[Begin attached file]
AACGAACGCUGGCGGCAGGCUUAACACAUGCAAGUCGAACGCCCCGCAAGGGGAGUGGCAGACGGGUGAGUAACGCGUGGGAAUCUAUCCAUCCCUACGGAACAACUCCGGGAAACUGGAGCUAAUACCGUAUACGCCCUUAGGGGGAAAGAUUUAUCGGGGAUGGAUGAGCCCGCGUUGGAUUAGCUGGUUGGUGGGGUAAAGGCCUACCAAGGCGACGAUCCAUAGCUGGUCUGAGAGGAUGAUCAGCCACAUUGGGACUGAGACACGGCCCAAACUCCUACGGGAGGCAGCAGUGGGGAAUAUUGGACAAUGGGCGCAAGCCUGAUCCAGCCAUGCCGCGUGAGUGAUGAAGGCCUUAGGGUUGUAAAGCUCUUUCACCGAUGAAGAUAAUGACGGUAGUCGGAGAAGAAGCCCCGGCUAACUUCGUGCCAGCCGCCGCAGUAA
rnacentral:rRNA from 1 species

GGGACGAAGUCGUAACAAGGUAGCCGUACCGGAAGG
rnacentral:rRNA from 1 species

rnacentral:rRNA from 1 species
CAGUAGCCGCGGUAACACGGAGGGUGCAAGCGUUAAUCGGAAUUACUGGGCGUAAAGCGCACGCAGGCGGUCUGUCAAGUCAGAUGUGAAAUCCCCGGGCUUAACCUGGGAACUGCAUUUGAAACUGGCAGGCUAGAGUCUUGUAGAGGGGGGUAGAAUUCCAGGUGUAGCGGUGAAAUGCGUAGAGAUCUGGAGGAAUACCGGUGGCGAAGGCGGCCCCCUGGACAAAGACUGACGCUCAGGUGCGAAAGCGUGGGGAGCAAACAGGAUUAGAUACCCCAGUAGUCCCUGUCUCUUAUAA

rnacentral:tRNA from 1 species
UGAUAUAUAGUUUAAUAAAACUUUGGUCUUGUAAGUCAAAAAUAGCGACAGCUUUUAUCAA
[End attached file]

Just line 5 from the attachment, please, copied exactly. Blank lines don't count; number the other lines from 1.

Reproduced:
rnacentral:rRNA from 1 species